Thomas Merton had an experience like that, one day while he was in the shopping district of Louisville, Kentucky. Merton, who had become a monk in Trappist monastery and spent long months in solitude there, was given a vision of the profound, holy reality of the people all around him.

As he recounts in his book, Conjectures of a Guilty Bystander:

“I was suddenly overwhelmed with the realization that I loved all those people, that they were mine and I theirs, that we could not be alien to one another even though we were total strangers…It is a glorious destiny to be a member of the human race…[I]f only everybody could realize this! But it cannot be explained. There is no way of telling people that they are all walking around shining like the sun.”

What Merton saw in that moment was what James and John and Peter saw in Jesus. It was, for Merton, a moment in which he was able to see humanity as “the person that each one is in God’s eyes…a pure diamond, blazing with the invisible light of heaven.”

On this Sunday, as we remember the new vision Jesus’s first disciples had of their Lord, I hope that we will also realize that the radiance of Christ is echoed in everyone of us. We are, like Merton said, each filled with the blazing light of heaven at our core and not even “the fantasies of our own mind or the brutalities of our own will” can cover it over.

To see this truth that God sees, is not easy. Merton admits that like the Transfiguration in our Gospel, the vision he witnessed on that busy street corner in Louisville was a gift. But there is a kind of preparation that might open us to receive such a gift. Just as the disciples had to go to the Mountaintop, away and apart, Merton had to go into solitude before he could see the connectedness of all people. “It is in fact the function of solitude,” wrote Merton, “to make one realize such things with clarity that would be impossible to anyone completely immersed in the other cares, the other illusions” of everyday life.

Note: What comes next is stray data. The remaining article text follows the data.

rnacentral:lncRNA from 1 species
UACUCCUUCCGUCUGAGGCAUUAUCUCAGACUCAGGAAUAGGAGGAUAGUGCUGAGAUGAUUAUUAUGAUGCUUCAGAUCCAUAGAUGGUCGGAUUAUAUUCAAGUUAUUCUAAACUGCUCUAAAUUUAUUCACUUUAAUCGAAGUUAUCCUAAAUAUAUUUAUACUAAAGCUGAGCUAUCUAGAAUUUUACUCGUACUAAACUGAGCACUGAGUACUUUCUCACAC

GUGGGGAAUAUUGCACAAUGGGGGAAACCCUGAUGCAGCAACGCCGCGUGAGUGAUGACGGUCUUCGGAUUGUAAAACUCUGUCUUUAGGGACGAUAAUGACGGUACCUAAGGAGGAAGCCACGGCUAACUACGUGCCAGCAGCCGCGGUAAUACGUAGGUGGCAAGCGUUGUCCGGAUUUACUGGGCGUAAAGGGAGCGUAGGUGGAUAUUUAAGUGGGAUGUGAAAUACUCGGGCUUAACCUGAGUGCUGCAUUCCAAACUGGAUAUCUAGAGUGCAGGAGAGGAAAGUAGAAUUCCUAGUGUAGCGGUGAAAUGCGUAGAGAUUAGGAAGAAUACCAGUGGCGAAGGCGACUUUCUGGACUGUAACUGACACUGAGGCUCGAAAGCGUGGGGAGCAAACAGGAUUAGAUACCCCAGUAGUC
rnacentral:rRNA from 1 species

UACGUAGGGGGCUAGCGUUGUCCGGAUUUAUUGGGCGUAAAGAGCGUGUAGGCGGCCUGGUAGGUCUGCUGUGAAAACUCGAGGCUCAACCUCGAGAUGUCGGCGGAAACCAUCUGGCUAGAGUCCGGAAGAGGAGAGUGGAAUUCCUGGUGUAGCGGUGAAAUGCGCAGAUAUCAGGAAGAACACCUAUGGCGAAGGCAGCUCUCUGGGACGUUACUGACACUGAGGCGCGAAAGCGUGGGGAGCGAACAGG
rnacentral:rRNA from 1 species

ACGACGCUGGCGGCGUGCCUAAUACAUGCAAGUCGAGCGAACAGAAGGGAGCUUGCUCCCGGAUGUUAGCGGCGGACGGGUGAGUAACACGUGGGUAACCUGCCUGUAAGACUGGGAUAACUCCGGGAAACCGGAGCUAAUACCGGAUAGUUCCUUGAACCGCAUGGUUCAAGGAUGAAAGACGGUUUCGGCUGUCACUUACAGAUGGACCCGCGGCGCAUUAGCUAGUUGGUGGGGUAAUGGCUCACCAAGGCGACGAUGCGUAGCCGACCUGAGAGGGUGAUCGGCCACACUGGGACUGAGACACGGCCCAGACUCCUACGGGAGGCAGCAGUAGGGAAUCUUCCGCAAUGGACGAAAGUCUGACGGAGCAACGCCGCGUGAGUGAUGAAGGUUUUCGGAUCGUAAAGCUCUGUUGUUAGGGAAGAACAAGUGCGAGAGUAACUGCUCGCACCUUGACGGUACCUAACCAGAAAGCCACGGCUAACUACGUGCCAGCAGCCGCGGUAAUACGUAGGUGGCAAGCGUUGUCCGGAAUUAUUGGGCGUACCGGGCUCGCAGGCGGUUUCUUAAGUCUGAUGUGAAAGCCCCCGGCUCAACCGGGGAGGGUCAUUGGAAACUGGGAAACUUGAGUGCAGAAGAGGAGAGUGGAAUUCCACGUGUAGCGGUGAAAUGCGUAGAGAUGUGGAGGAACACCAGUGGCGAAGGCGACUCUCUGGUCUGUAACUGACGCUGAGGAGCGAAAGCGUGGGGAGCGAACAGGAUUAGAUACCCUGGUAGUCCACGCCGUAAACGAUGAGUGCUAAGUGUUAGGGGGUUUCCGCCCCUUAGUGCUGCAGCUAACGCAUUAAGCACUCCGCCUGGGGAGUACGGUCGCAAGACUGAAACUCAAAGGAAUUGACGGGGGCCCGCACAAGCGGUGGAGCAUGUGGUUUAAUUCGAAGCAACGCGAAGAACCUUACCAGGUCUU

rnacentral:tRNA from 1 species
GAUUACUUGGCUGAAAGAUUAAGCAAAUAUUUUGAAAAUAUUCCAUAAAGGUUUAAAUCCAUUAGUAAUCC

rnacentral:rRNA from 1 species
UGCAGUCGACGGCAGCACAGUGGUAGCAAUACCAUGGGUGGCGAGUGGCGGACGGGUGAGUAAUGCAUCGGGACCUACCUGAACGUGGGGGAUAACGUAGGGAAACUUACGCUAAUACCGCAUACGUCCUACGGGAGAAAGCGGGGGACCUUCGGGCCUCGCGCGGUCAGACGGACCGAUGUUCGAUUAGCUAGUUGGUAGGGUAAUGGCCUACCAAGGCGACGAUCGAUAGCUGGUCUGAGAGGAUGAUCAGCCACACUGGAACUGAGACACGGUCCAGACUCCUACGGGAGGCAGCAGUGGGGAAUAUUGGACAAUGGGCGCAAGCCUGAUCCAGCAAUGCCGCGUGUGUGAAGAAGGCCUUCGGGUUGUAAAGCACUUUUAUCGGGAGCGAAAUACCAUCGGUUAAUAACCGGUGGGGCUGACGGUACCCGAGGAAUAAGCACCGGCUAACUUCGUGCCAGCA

To learn to see as God sees, to see everyone walking around, blazing like the sun, we must take time to be alone with God, time to have our vision attuned to the world of reality that only God fully grasps. To get there we must daily enter into contemplation, disconnected from the stream of information and the buzzing interruptions of our lives. When we can, we should find time to go away for retreats. Each week, even for half a day, we should seek to practice the Sabbath rest that reminds us that we are not God. It is then that we will be ready to receive this gift of seeing the radiant reality the disciples witnessed on that mountain in Palestine and Merton saw on that Louisville sidewalk.

In the train station in DC, as Joshua Bell played Bach, there was only one person who recognized Bell for who he is. She had been to a concert of his only a few weeks before at the Library of Congress and she couldn’t believe that he was there, in the middle of the rushing world. “It was the most astonishing thing I’ve ever seen in Washington,” she told the Washington Post. Her ear had been attuned in that concert, in a space set away just to listen and to hear. And because of that she was able to recognize the beauty that was now here, radiant in the everyday world. She left $20 in his violin case, an offering in response to the gift she had received. Amen.